Therefore, in order to minimize my “Tamukeyama”s’ adjustment, we planted him in a manner that he could stay in the same location in the garden, and, thus continue to receive the same sunlight source that he was accustomed to; hence, his adjustment to a new home would be minimal.
By my having it potted in a rod–iron stand, air was able to circulate around my “Tamukeyama”, so planing its move gave me cause for great concern.
Therefore, I was not only fortunate to be able to find and use a larger clay pot, but I was also fortunate that I found a larger rod–iron stand. This stand could’ve easily been the sibling of the old stand because they look alike — except for their height and girth. What this meant for my “Tamukeyama” was less things to adjust to in its new home. If you’d like to get a visual sense of what we did, please see the collage posted below:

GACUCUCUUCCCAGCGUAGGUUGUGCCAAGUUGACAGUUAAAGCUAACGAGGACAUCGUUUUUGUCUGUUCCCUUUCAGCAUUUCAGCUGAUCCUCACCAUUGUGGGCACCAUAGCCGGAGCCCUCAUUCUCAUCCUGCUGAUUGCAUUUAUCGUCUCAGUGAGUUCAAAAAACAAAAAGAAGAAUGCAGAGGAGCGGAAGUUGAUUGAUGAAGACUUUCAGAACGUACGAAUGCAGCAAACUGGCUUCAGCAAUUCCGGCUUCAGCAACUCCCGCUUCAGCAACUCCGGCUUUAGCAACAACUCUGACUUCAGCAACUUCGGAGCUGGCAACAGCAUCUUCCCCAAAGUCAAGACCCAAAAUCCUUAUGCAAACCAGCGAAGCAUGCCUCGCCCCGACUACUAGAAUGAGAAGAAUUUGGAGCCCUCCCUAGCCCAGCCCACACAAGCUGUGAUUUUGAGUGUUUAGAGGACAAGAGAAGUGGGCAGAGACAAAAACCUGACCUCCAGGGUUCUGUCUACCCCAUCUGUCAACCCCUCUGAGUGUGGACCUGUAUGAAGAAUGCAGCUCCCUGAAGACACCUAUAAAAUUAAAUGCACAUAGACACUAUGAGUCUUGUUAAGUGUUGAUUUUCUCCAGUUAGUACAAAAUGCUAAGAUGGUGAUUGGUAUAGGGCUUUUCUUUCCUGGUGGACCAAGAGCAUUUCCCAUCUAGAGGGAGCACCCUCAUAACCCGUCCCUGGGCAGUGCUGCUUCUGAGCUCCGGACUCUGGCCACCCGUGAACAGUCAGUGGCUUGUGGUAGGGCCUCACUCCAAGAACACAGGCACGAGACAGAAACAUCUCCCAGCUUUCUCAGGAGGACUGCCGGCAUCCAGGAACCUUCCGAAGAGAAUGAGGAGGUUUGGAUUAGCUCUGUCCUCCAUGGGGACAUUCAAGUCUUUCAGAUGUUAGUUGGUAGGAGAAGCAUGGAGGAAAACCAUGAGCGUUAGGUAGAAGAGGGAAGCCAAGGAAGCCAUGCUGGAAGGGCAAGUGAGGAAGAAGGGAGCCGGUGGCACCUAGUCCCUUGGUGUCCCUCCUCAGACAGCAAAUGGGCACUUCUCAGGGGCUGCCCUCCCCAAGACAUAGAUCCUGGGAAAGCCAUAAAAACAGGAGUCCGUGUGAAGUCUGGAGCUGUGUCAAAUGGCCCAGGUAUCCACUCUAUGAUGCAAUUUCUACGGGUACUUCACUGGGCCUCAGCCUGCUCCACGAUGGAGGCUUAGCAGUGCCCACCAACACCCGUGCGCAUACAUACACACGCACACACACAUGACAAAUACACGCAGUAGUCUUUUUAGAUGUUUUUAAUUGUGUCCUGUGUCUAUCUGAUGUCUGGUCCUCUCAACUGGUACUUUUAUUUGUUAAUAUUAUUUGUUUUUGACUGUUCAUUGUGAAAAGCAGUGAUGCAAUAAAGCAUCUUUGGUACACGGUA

I find the shifting of my trees’ living quarters around akin to this: when a family has more than one child, or children of different sexes, and living space within the home permits, one child has a certain room in the house, while the others know when he or she moves out of the room, one of them will move into that space.
My Acer shirasawanum (Autumn Moon) seems pleased to have been chosen to be placed in what had been the “Tamukeyama”s’ place of residence as evidenced in the collage posted below.
As you may recall, dear reader, the very awesome colors of both of these leaves, was mentioned in a previous post, authored by my Physocarpus opulifolius (Coppertina Tree), which you may refer to by clicking here.
The top right–hand corner of the collage shows my Acer shirasawanum’s (Autumn Moon), “limey” colored leaves on their own. As for the lower left–hand corner of the collage, my Acer shirasawanum’s (Autumn Moon), can be seen to the far right hand corner of the collage’s image, which means it it was in the southeast corner of my terrace garden, where it had been moved from its location of the northwest corner near my Physocarpus opulifolius (Coppertina), because it needed more shade. However, now that it has been placed in the 'Tamukeyama's' original rod–iron stand, it is in the southwest corner as indicated in the collage image at the lower right.